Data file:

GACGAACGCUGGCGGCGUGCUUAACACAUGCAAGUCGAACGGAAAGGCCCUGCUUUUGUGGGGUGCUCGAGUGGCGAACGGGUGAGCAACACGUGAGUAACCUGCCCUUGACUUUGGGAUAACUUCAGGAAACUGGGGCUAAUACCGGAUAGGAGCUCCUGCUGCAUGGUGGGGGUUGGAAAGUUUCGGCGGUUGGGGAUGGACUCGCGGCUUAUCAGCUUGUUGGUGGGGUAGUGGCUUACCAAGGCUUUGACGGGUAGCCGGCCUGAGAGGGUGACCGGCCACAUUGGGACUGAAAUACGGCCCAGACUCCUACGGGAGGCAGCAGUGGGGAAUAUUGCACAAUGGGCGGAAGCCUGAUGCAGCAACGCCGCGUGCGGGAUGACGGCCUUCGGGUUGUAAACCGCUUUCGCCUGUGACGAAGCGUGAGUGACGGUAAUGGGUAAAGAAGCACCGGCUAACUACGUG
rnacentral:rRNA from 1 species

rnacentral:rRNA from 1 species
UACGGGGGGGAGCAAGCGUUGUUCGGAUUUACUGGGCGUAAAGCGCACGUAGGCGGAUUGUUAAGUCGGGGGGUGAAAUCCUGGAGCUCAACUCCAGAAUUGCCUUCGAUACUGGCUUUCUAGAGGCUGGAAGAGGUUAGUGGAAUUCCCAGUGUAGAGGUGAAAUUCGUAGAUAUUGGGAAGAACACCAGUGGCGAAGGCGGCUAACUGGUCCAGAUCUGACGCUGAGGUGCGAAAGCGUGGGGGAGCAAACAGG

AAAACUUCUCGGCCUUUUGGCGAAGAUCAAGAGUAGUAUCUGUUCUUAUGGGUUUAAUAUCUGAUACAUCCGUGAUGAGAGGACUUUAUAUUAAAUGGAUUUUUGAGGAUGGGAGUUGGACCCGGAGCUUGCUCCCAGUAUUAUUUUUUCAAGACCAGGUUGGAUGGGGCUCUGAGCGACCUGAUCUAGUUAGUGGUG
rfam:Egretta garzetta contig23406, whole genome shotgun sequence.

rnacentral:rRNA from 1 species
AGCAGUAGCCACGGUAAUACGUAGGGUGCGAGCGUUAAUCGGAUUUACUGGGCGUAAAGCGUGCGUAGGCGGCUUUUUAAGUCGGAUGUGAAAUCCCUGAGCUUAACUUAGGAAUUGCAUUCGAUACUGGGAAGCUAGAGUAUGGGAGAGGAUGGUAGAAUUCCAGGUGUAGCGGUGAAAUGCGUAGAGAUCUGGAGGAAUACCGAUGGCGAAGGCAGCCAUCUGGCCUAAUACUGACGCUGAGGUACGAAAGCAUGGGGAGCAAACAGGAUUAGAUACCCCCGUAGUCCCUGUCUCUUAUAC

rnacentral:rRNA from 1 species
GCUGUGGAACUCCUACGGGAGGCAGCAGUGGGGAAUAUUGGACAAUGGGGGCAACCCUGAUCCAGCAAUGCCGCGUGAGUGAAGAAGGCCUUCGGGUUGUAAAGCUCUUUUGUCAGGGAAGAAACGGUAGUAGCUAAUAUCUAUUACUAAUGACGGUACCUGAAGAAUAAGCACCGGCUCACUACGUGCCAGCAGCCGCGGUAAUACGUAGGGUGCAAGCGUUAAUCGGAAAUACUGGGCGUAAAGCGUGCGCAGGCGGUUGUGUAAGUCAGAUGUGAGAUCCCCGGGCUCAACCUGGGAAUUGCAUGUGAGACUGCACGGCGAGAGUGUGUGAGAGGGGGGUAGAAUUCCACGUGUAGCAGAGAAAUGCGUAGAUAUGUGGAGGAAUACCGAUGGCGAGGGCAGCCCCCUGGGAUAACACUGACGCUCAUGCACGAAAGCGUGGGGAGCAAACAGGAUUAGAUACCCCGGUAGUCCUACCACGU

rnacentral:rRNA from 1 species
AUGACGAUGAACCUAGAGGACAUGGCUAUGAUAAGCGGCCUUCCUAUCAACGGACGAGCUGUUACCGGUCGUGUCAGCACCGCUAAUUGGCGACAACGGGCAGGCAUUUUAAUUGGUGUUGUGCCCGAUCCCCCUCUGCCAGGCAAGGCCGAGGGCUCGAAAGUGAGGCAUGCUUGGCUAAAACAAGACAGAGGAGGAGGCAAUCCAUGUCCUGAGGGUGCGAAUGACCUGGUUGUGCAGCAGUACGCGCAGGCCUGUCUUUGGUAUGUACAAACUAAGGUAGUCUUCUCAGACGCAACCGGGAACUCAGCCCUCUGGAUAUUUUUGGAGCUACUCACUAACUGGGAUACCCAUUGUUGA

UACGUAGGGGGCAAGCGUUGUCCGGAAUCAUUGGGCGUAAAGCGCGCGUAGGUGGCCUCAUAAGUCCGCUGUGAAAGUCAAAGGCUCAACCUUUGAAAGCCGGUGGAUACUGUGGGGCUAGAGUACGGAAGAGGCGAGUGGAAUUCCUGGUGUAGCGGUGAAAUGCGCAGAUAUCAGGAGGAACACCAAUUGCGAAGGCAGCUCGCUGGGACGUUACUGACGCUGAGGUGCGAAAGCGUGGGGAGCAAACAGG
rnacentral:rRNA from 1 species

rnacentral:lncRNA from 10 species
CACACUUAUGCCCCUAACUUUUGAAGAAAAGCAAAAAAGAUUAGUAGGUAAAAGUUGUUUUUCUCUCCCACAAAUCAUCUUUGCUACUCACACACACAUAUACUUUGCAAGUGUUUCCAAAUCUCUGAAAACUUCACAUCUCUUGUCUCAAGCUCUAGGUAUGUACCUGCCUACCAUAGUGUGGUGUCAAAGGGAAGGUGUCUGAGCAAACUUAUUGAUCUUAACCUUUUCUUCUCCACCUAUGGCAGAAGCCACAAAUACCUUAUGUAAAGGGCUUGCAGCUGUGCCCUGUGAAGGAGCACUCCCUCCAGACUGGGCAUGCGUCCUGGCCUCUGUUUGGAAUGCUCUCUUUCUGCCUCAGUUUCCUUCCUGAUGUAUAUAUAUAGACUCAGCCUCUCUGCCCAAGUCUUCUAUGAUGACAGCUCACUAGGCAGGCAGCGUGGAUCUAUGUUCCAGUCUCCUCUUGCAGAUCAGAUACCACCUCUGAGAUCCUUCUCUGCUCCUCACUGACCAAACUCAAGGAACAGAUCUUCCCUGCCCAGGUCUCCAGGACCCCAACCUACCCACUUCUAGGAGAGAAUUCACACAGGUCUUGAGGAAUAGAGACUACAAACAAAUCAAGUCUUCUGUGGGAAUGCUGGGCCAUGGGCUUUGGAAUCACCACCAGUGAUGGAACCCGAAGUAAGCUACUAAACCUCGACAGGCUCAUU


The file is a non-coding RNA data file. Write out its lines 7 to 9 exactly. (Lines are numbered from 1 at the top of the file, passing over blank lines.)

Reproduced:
rnacentral:rRNA from 1 species
AGCAGUAGCCACGGUAAUACGUAGGGUGCGAGCGUUAAUCGGAUUUACUGGGCGUAAAGCGUGCGUAGGCGGCUUUUUAAGUCGGAUGUGAAAUCCCUGAGCUUAACUUAGGAAUUGCAUUCGAUACUGGGAAGCUAGAGUAUGGGAGAGGAUGGUAGAAUUCCAGGUGUAGCGGUGAAAUGCGUAGAGAUCUGGAGGAAUACCGAUGGCGAAGGCAGCCAUCUGGCCUAAUACUGACGCUGAGGUACGAAAGCAUGGGGAGCAAACAGGAUUAGAUACCCCCGUAGUCCCUGUCUCUUAUAC

rnacentral:rRNA from 1 species